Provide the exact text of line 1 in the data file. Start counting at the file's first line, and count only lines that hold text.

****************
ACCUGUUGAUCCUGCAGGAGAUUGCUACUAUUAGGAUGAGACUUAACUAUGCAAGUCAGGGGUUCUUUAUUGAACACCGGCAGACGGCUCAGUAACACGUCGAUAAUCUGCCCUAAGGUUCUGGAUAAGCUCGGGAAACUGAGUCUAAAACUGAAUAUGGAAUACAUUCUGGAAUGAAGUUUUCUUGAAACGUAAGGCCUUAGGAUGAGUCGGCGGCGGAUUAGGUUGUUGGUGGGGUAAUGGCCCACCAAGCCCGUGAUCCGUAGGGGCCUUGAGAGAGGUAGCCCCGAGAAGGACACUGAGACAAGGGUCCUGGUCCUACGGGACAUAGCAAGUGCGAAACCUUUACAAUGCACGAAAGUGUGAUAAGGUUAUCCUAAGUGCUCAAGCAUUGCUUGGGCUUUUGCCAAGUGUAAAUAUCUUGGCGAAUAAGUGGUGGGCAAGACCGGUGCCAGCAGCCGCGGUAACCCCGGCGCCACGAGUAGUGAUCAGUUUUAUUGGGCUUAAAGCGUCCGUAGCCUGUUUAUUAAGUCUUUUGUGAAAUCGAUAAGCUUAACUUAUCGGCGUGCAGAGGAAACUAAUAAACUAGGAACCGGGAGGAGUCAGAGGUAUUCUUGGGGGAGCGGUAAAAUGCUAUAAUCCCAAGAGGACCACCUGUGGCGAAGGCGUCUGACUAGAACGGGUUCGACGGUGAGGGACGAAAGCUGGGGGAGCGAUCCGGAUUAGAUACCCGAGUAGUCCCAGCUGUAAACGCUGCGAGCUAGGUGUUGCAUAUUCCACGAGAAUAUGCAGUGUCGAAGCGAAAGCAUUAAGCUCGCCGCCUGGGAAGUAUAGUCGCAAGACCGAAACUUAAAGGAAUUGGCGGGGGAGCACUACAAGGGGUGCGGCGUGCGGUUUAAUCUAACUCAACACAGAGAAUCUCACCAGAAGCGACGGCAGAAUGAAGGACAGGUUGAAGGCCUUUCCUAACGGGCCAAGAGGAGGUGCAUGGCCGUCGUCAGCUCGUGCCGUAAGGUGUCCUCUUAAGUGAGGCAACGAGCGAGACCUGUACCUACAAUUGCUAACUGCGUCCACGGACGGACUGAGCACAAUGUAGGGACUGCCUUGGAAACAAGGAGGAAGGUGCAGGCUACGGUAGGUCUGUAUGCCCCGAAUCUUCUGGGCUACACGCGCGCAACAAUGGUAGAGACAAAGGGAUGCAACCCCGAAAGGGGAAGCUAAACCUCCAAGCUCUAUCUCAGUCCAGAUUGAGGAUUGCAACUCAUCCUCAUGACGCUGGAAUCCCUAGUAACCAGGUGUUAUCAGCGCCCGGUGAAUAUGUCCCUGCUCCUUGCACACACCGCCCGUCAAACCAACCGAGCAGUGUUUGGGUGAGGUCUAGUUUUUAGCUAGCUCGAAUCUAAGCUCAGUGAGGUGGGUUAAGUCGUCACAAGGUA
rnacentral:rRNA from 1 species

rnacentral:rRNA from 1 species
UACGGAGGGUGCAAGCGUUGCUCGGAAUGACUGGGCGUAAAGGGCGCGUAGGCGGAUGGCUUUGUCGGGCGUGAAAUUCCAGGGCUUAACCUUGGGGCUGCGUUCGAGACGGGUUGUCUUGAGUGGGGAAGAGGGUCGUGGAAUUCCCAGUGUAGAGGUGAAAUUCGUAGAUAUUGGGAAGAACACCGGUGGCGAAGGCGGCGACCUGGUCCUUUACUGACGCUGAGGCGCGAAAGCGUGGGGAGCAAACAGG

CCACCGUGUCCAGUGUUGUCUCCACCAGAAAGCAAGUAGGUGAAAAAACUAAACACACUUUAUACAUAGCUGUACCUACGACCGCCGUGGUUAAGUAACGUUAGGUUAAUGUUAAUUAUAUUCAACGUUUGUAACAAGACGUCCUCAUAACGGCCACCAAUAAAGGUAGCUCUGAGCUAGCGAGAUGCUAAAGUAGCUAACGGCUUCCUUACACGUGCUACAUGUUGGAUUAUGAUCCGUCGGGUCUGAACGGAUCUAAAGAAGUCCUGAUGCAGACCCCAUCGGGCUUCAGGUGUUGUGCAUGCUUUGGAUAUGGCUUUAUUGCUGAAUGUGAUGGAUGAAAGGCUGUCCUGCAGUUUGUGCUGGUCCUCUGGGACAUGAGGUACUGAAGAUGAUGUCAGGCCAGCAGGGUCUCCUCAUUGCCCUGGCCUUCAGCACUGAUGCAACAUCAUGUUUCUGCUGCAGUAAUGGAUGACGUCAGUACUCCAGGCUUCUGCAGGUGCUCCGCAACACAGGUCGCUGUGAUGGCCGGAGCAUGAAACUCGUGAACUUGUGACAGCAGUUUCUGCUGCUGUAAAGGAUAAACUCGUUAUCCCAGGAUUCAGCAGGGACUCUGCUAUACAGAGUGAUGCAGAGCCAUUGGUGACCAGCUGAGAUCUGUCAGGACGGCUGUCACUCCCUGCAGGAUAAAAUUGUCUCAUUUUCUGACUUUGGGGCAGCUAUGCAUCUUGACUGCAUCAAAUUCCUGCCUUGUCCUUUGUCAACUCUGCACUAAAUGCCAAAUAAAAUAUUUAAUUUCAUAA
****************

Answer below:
ACCUGUUGAUCCUGCAGGAGAUUGCUACUAUUAGGAUGAGACUUAACUAUGCAAGUCAGGGGUUCUUUAUUGAACACCGGCAGACGGCUCAGUAACACGUCGAUAAUCUGCCCUAAGGUUCUGGAUAAGCUCGGGAAACUGAGUCUAAAACUGAAUAUGGAAUACAUUCUGGAAUGAAGUUUUCUUGAAACGUAAGGCCUUAGGAUGAGUCGGCGGCGGAUUAGGUUGUUGGUGGGGUAAUGGCCCACCAAGCCCGUGAUCCGUAGGGGCCUUGAGAGAGGUAGCCCCGAGAAGGACACUGAGACAAGGGUCCUGGUCCUACGGGACAUAGCAAGUGCGAAACCUUUACAAUGCACGAAAGUGUGAUAAGGUUAUCCUAAGUGCUCAAGCAUUGCUUGGGCUUUUGCCAAGUGUAAAUAUCUUGGCGAAUAAGUGGUGGGCAAGACCGGUGCCAGCAGCCGCGGUAACCCCGGCGCCACGAGUAGUGAUCAGUUUUAUUGGGCUUAAAGCGUCCGUAGCCUGUUUAUUAAGUCUUUUGUGAAAUCGAUAAGCUUAACUUAUCGGCGUGCAGAGGAAACUAAUAAACUAGGAACCGGGAGGAGUCAGAGGUAUUCUUGGGGGAGCGGUAAAAUGCUAUAAUCCCAAGAGGACCACCUGUGGCGAAGGCGUCUGACUAGAACGGGUUCGACGGUGAGGGACGAAAGCUGGGGGAGCGAUCCGGAUUAGAUACCCGAGUAGUCCCAGCUGUAAACGCUGCGAGCUAGGUGUUGCAUAUUCCACGAGAAUAUGCAGUGUCGAAGCGAAAGCAUUAAGCUCGCCGCCUGGGAAGUAUAGUCGCAAGACCGAAACUUAAAGGAAUUGGCGGGGGAGCACUACAAGGGGUGCGGCGUGCGGUUUAAUCUAACUCAACACAGAGAAUCUCACCAGAAGCGACGGCAGAAUGAAGGACAGGUUGAAGGCCUUUCCUAACGGGCCAAGAGGAGGUGCAUGGCCGUCGUCAGCUCGUGCCGUAAGGUGUCCUCUUAAGUGAGGCAACGAGCGAGACCUGUACCUACAAUUGCUAACUGCGUCCACGGACGGACUGAGCACAAUGUAGGGACUGCCUUGGAAACAAGGAGGAAGGUGCAGGCUACGGUAGGUCUGUAUGCCCCGAAUCUUCUGGGCUACACGCGCGCAACAAUGGUAGAGACAAAGGGAUGCAACCCCGAAAGGGGAAGCUAAACCUCCAAGCUCUAUCUCAGUCCAGAUUGAGGAUUGCAACUCAUCCUCAUGACGCUGGAAUCCCUAGUAACCAGGUGUUAUCAGCGCCCGGUGAAUAUGUCCCUGCUCCUUGCACACACCGCCCGUCAAACCAACCGAGCAGUGUUUGGGUGAGGUCUAGUUUUUAGCUAGCUCGAAUCUAAGCUCAGUGAGGUGGGUUAAGUCGUCACAAGGUA